June 09, 2014
1 min read

Greater sugar-sweetened beverage intake increased risk for MetS among Taiwanese boys

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Adolescent boys in Taiwan had a significantly greater risk for metabolic syndrome when consuming more than 500 mg sugar-sweetened beverages daily, compared with adolescent girls and nondrinkers, according to data from a recent study.

Researchers used a multistage-sampling strategy among a cohort of 2,727 adolescents from 36 schools throughout southern Taiwan between 2007 and 2009. Students, aged 12 to 16 years, completed two surveys — one containing demographics, lifestyle behaviors and disease history and the other on daily dietary habits during the previous month — and blood samples also were drawn. Researchers analyzed data using multiple regression and logistic models to determine gender-specific associations between sugar-sweetened beverages (SSB) and metabolic syndrome (MetS).

Data showed high SSB consumption was associated with high metabolic risk cluster among both sexes; with boys tending to consume more SSB than girls (32.1% vs. 18.5%). Adolescents who drank more than 500 mL SSB daily showed an increased risk for high overall metabolic risk; boys had a 10.3-fold risk for contracting MetS by International Diabetes Federation (IDF) criteria (95% CI, 1.2-90.2) and 5.1-fold risk (95% CI, 1.01-25.5) by Cook criteria. By comparison, girls displayed 6.5-fold (P=.049) and 5.9-fold (P=.085) risks for MetS by IDF and Cook criteria, respectively. Moderate and high-consuming male SSB drinkers had greater triglyceride levels (8 mg/dL and 8.2 mg/dL, respectively), compared with nondrinkers.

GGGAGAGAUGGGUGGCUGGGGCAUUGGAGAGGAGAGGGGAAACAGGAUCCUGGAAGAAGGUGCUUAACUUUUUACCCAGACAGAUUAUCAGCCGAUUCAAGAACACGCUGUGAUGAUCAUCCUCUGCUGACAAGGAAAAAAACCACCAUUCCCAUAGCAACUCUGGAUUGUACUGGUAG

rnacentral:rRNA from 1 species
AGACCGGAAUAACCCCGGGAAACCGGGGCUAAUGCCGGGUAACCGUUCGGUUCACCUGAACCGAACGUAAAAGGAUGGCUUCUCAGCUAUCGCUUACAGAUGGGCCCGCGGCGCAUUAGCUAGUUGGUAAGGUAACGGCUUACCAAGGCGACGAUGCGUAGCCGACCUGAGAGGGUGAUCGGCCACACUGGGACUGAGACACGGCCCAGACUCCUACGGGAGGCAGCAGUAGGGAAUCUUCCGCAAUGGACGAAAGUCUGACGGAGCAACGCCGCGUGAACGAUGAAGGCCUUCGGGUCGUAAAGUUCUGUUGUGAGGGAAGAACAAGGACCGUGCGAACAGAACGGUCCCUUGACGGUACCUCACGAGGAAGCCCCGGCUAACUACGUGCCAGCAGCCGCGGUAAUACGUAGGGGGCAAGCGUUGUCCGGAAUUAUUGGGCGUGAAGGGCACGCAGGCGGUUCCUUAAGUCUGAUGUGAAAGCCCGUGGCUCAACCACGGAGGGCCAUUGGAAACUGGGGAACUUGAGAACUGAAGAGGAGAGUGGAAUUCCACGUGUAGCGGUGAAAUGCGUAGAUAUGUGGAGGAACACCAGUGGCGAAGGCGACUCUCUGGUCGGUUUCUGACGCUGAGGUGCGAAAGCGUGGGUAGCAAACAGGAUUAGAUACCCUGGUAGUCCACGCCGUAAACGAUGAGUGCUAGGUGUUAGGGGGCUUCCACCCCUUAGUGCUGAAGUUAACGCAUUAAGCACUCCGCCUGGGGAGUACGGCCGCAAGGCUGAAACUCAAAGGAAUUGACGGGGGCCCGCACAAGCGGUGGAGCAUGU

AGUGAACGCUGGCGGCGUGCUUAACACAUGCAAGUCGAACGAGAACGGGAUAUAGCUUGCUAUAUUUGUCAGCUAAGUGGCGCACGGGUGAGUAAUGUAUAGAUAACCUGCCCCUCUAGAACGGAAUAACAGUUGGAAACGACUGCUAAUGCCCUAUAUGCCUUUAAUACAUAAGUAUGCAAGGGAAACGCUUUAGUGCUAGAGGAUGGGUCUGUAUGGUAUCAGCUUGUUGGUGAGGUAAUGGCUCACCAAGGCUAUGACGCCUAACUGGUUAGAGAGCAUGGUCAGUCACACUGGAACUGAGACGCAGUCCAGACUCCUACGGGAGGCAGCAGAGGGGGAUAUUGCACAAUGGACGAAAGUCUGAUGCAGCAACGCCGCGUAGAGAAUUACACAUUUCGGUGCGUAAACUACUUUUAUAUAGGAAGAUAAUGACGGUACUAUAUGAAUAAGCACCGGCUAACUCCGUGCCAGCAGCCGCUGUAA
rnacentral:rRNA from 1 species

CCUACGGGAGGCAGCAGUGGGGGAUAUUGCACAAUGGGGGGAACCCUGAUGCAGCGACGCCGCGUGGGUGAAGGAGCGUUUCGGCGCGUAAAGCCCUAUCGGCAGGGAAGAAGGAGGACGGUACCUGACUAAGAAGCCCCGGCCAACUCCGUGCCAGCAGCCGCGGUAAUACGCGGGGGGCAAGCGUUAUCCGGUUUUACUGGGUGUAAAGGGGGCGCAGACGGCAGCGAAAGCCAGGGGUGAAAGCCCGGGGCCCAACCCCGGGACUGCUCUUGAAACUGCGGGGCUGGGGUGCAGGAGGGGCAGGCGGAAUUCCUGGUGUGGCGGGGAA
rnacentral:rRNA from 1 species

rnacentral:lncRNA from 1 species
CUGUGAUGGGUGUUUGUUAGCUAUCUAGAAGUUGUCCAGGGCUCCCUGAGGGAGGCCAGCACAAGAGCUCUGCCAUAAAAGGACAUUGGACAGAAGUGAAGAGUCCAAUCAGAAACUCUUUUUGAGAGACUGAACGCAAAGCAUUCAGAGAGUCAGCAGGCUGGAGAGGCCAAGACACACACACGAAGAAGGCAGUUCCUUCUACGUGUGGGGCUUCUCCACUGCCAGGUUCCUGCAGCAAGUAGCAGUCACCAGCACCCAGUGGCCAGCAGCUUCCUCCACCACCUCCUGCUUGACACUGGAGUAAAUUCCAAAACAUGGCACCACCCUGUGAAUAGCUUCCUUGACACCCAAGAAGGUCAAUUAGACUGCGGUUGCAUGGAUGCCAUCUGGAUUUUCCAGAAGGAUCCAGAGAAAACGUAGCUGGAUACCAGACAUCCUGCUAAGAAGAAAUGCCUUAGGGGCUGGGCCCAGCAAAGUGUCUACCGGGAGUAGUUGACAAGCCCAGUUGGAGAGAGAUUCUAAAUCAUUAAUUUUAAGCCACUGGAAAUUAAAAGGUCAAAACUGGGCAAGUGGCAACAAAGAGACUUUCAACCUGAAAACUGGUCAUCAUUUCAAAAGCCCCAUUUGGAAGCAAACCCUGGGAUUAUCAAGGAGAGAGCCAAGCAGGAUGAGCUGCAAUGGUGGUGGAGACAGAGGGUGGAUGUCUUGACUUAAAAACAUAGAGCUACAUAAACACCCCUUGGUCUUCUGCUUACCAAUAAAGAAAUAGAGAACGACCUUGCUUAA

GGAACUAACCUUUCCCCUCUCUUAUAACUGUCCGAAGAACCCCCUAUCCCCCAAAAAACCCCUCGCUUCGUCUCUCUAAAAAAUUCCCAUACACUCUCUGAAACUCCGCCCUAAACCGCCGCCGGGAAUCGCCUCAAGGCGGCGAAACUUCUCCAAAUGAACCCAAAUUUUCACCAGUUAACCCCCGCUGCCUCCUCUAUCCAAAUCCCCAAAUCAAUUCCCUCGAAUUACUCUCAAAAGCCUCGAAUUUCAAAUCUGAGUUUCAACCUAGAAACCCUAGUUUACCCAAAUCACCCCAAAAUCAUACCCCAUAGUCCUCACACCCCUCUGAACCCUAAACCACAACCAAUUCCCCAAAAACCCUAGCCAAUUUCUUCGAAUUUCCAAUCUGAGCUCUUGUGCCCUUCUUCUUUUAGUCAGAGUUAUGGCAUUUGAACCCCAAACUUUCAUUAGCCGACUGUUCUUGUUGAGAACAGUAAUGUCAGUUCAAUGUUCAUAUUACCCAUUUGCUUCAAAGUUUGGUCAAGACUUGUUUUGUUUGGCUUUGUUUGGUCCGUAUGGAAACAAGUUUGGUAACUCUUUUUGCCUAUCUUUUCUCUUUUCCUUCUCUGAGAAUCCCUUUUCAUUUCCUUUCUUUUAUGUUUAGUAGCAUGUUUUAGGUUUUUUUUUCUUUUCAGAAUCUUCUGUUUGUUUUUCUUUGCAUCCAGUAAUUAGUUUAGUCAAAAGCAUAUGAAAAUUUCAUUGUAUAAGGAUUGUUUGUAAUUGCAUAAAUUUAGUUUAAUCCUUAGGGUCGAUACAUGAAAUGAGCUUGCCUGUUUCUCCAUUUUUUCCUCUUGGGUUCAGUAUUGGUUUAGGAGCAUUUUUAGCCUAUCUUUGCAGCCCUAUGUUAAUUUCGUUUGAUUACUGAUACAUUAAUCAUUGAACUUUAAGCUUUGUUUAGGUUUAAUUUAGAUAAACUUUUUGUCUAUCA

Greater overall metabolic risk was associated with high SSB consumption in boys (adjusted OR=2.7; 95% CI, 1.3-5-7) and girls (aOR=1.9; 95% CI, 1.1-3.1).

“The present results indicated that boys who consumed a high amount of SSB exhibited a 5.1- to 10.3-fold risk of developing MetS, even if the prevalence of this metabolic disorder is low,” the researchers wrote. “A high SSB intake is associated with adolescent MetS among boys, but not girls in Taiwan.”

Disclosure: The researchers report no relevant financial disclosures.